In the year 1990 I was in psychotherapy with a psychoanalyst — one of the finer analysts in Washington, DC.
I told him about an injury in the mouth I suffered at age two and a half. I had placed a curtain rod in my mouth, injuring myself when I fell. The curtain rod caused a serious puncture wound in the soft palate that had to be cauterized.
The analyst saw no significance in this incident or in my preoccupation with this incident and my insistence that the incident had psychological significance.
Now, this is what is striking: On another occasion the analyst said I engaged in concrete thinking — suggesting that I mistook real events for issues of symbolic psychological importance.
Well, now, that is interesting, isn’t it? I am a concrete thinker, according to the analyst, and yet this same analyst failed to see the deep psychological importance — or symbolic meaning — of my concern for my childhood injury.
Isn’t my preoccupation with a traumatic, painful puncture wound symbolic of something? Might it not be seen to be symbolic of the importance of introjection in my personality? In psychoanalytic theory introjection is a primitive ego defense, oral in origin (yes! oral in origin, like a puncture wound in the mouth) in which the individual internalizes external objects into his psychic structure. Melanie Klein argued (consistent with Freud) for how a strict super-ego may well develop without a correlative severe parental figure; that is, the super-egoic violence that is brought to bear on the ego is given its force and its imprint from early infantile impulses, producing a biting, devouring and cutting policing of adherence to an ego-ideal. Think about the imagery: isn’t a “super-egoic violence that is brought to bear on the ego” an exquisite symbolic representation of the concrete image of a violent puncture wound to the soft palate?
(What is fascinating is that the injury occurred as a reaction to my envy or jealousy. I was in the kitchen with my mother. She was talking on the telephone and ignoring me. I experienced envious rage. I put the curtain rod in my mouth to get attention.)
What I suspect about myself is that I have very powerful oral impulses, present since infancy, involving powerful voracity, greed and envy. It is as if I could devour all the earth with all its mankind. Following from this is my tendency toward intense primitive idealization (as with Dr. P — aka, Mr. Eggs and Sausages) — and my unusual capacity for internalization. It is as if my mind were a sponge for external objects — both good and bad, which is consistent with my severe introjective pathology as described by Sidney Blatt. Patients with introjective disorders are plagued by feelings of guilt, self-criticism, inferiority, and worthlessness. They tend to be more perfectionistic, duty-bound, and competitive individuals, who often feel like they have to compensate for failing to live up to the perceived expectations of others. Are all of these traits bound up with my powerful instinctual orality?
I am also intellectually voracious.
What the analyst should have been looking for in me was a powerful orality — voracity, greed, intense primitive idealization and envy — in me. The analyst should have been looking for the myriad transformations or vicissitudes of this instinct in my personality as well as my possible defenses against a powerful orality.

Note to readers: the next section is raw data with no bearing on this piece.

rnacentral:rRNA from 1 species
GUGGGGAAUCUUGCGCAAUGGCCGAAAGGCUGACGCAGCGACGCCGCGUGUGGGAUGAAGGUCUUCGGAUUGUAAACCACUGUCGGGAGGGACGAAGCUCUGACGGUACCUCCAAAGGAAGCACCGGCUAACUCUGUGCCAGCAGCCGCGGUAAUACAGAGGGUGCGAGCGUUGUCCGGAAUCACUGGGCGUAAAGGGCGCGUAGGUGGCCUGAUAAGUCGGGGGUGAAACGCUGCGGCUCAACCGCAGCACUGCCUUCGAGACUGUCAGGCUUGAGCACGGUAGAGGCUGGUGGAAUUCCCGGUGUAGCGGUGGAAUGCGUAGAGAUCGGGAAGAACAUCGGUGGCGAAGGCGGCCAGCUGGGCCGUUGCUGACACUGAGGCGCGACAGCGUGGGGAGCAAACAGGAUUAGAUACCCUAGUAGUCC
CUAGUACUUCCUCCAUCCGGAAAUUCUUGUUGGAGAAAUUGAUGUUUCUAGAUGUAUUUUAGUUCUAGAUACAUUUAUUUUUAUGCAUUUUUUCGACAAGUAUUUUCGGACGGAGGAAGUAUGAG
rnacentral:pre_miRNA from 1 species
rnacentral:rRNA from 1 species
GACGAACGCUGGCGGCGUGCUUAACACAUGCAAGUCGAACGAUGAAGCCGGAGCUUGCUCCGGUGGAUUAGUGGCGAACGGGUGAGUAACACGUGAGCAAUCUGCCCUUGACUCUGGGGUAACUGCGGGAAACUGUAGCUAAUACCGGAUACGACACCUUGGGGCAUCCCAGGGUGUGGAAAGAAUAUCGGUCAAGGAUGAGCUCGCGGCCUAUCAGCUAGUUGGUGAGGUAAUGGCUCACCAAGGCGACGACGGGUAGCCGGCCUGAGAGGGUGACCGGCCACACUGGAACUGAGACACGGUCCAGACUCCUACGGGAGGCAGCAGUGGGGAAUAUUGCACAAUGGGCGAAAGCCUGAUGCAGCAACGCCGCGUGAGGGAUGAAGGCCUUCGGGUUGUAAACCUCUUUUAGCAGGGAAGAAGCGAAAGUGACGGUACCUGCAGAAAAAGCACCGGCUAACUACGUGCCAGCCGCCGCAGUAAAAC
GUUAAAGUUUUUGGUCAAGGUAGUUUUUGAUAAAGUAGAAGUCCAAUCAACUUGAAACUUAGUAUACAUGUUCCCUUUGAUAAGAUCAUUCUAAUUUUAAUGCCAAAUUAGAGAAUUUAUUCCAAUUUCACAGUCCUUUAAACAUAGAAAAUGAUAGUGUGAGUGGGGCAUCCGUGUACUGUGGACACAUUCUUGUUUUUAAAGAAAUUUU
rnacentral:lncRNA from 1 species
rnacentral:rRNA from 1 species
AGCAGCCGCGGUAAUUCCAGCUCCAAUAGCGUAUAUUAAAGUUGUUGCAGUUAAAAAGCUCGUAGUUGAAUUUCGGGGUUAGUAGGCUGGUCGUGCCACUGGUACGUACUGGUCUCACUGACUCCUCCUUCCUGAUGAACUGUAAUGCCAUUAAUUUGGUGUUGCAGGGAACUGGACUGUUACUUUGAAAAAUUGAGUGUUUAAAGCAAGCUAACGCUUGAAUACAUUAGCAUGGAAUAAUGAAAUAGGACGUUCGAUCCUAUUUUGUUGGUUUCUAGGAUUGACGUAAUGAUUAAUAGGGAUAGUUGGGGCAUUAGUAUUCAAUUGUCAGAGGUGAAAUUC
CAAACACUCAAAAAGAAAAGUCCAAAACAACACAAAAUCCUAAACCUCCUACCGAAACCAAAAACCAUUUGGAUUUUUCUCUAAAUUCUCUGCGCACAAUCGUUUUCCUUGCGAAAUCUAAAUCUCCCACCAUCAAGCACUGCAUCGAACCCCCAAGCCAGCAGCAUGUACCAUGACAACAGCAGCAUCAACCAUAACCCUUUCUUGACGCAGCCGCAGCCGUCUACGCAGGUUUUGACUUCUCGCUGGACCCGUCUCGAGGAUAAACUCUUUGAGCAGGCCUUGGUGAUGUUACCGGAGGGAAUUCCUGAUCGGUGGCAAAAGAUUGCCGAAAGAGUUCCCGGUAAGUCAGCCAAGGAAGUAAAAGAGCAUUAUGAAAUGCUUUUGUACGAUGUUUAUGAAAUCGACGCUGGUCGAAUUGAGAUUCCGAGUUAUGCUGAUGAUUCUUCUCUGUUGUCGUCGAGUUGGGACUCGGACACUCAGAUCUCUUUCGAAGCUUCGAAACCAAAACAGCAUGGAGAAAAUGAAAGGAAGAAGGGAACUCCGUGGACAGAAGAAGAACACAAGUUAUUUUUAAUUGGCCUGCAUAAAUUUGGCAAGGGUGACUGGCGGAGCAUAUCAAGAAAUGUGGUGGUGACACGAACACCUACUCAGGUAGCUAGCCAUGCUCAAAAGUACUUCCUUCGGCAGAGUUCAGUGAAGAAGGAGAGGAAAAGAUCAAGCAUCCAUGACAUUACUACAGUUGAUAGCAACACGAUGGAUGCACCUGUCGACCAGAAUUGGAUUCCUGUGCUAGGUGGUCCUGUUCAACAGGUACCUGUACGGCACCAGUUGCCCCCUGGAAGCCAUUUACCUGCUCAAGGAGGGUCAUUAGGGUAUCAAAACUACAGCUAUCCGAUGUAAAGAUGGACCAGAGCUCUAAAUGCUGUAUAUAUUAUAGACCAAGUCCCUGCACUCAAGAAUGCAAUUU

Compare the following — the unusual way I deal with envy, possibly found in creative persons:
“I sense possible envy and unconscious feelings of triumph in your report that you destroyed your parents’ paradise. I suspect that at some level you relished the idea of destroying your parents’ ‘beautiful world’ because it was denied to you. You know there is a psychological theory that the infant both loves and envies the mother’s breast: that at some level the infant wants to destroy the mother’s breast – precisely because it is good – at those moments the infant feels that the mother has withheld the breast from him. Your family’s beautiful world, their Paradise as you call it, was denied to you and you envied it; you wanted to destroy it. I’d like to offer a reconstruction that ties together your creativity and your destructive impulses. It may be a regular feature of your mental life that when you envy something and cannot merge with it, you destroy it in fantasy, then recreate an image of that envied object in your mind. What I am saying is that you envied your parents’ paradise, you could not have it, you proceeded to destroy it in fantasy, and you resurrected an idealized image of it in your inner world. I suspect that we can find residues of former envied objects in your idealized world, your inner Garden of Eden, your own private paradise, that you retreat to.”
I saw all this in 1988 when I wrote the Caliban Complex. I am years ahead of my time!! Why is it that one of the top psychoanalysts didn’t see this? Is it because he was not a Kleinian? One wonders.
From Significant Moments: (Note both the voracity and the idealization)
I thought his memory was like the other memories of the dead that accumulate in every man’s life—a vague impress on the brain of shadows that had fallen on it in their swift and final passage; but before the high and ponderous door, between the tall houses of a street as still and decorous as a well-kept alley in a cemetery. I had a vision of him opening his mouth voraciously . . .
Joseph Conrad, Heart of Darkness.
. . . the way Homer renders a heart-eating cyclops . . .
Toni Morrison, Playing in the Dark: Whiteness and the Literary Imagination.
. . . as if to devour all the earth with all its mankind. He lived then before me; he lived as much as he had ever lived – a shadow insatiable of splendid appearances, of frightful realities; a shadow darker than the shadow of night, and draped nobly in the fields of a gorgeous eloquence. The vision seemed to enter the house with me –
Joseph Conrad, Heart of Darkness.